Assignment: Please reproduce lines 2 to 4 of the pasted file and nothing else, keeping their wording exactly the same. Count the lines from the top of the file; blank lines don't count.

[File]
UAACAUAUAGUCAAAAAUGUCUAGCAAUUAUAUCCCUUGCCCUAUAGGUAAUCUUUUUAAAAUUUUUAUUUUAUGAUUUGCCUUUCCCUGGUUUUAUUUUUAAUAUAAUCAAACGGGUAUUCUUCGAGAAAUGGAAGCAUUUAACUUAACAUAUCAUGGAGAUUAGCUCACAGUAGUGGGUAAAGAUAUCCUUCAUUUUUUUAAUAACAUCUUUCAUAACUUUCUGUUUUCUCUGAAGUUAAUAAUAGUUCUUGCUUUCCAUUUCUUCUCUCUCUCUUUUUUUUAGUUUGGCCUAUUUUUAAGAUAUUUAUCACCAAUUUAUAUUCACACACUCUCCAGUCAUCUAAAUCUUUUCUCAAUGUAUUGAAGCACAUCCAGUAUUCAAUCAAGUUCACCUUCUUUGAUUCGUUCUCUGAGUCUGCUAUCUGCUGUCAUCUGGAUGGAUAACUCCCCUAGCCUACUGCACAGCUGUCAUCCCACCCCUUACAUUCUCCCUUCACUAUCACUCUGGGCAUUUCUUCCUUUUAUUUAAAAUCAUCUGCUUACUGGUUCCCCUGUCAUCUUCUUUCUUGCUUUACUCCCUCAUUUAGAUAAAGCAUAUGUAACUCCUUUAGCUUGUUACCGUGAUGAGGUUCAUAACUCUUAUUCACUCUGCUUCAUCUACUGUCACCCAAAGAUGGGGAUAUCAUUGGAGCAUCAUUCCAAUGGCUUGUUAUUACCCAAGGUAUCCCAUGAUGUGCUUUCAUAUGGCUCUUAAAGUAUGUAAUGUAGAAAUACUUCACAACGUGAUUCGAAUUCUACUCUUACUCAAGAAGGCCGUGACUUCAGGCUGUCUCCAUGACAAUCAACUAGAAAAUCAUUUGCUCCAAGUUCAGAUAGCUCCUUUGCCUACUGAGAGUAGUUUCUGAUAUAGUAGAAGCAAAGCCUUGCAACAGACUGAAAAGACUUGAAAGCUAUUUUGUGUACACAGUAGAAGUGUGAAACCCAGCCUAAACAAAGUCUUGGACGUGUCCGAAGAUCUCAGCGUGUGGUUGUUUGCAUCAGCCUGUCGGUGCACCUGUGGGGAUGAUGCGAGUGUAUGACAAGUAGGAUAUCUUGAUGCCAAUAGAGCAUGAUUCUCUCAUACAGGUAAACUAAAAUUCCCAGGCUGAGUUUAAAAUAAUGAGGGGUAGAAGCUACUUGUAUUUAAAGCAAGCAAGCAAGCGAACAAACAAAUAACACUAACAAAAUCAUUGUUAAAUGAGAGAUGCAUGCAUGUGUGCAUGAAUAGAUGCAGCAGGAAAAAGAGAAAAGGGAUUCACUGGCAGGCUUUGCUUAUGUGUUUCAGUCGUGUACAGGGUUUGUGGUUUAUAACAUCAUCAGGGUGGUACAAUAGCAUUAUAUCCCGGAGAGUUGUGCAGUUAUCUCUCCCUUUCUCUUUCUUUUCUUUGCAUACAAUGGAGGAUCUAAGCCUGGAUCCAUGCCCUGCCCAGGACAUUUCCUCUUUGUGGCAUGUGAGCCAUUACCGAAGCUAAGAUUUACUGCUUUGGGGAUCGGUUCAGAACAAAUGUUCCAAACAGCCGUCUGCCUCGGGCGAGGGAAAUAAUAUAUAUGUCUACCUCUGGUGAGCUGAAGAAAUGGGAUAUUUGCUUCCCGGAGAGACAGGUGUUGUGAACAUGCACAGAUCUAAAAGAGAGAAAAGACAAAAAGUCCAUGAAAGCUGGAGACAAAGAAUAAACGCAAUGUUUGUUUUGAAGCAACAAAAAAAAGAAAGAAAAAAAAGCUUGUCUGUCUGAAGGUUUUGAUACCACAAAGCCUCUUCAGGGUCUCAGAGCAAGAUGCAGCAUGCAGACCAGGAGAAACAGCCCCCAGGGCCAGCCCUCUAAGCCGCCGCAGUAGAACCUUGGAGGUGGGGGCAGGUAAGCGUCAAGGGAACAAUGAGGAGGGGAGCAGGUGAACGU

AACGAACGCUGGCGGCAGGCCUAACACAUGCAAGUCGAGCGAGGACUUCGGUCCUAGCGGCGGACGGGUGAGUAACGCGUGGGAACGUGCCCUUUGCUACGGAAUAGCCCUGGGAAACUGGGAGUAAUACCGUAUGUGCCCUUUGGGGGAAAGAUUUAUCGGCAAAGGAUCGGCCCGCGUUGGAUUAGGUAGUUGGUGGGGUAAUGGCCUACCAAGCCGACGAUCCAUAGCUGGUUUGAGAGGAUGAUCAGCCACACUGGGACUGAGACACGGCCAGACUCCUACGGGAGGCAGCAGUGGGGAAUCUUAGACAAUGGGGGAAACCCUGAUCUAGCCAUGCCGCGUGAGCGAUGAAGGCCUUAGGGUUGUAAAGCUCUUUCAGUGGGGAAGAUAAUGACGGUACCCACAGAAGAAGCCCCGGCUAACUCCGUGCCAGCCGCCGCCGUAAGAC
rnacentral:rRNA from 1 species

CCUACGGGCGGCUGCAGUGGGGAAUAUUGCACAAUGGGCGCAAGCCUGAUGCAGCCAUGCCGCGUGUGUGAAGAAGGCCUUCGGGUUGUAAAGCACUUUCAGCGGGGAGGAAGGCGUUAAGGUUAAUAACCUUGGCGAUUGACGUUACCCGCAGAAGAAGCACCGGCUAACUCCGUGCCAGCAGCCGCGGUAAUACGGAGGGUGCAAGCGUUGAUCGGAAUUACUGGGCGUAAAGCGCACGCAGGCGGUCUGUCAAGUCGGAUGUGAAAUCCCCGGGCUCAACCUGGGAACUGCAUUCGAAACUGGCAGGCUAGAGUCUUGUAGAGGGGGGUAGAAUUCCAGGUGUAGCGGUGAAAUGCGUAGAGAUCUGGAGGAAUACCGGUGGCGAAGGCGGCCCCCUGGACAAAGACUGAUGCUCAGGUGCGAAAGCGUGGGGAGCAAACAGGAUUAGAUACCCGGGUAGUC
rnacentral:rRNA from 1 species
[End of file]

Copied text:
AACGAACGCUGGCGGCAGGCCUAACACAUGCAAGUCGAGCGAGGACUUCGGUCCUAGCGGCGGACGGGUGAGUAACGCGUGGGAACGUGCCCUUUGCUACGGAAUAGCCCUGGGAAACUGGGAGUAAUACCGUAUGUGCCCUUUGGGGGAAAGAUUUAUCGGCAAAGGAUCGGCCCGCGUUGGAUUAGGUAGUUGGUGGGGUAAUGGCCUACCAAGCCGACGAUCCAUAGCUGGUUUGAGAGGAUGAUCAGCCACACUGGGACUGAGACACGGCCAGACUCCUACGGGAGGCAGCAGUGGGGAAUCUUAGACAAUGGGGGAAACCCUGAUCUAGCCAUGCCGCGUGAGCGAUGAAGGCCUUAGGGUUGUAAAGCUCUUUCAGUGGGGAAGAUAAUGACGGUACCCACAGAAGAAGCCCCGGCUAACUCCGUGCCAGCCGCCGCCGUAAGAC
rnacentral:rRNA from 1 species

CCUACGGGCGGCUGCAGUGGGGAAUAUUGCACAAUGGGCGCAAGCCUGAUGCAGCCAUGCCGCGUGUGUGAAGAAGGCCUUCGGGUUGUAAAGCACUUUCAGCGGGGAGGAAGGCGUUAAGGUUAAUAACCUUGGCGAUUGACGUUACCCGCAGAAGAAGCACCGGCUAACUCCGUGCCAGCAGCCGCGGUAAUACGGAGGGUGCAAGCGUUGAUCGGAAUUACUGGGCGUAAAGCGCACGCAGGCGGUCUGUCAAGUCGGAUGUGAAAUCCCCGGGCUCAACCUGGGAACUGCAUUCGAAACUGGCAGGCUAGAGUCUUGUAGAGGGGGGUAGAAUUCCAGGUGUAGCGGUGAAAUGCGUAGAGAUCUGGAGGAAUACCGGUGGCGAAGGCGGCCCCCUGGACAAAGACUGAUGCUCAGGUGCGAAAGCGUGGGGAGCAAACAGGAUUAGAUACCCGGGUAGUC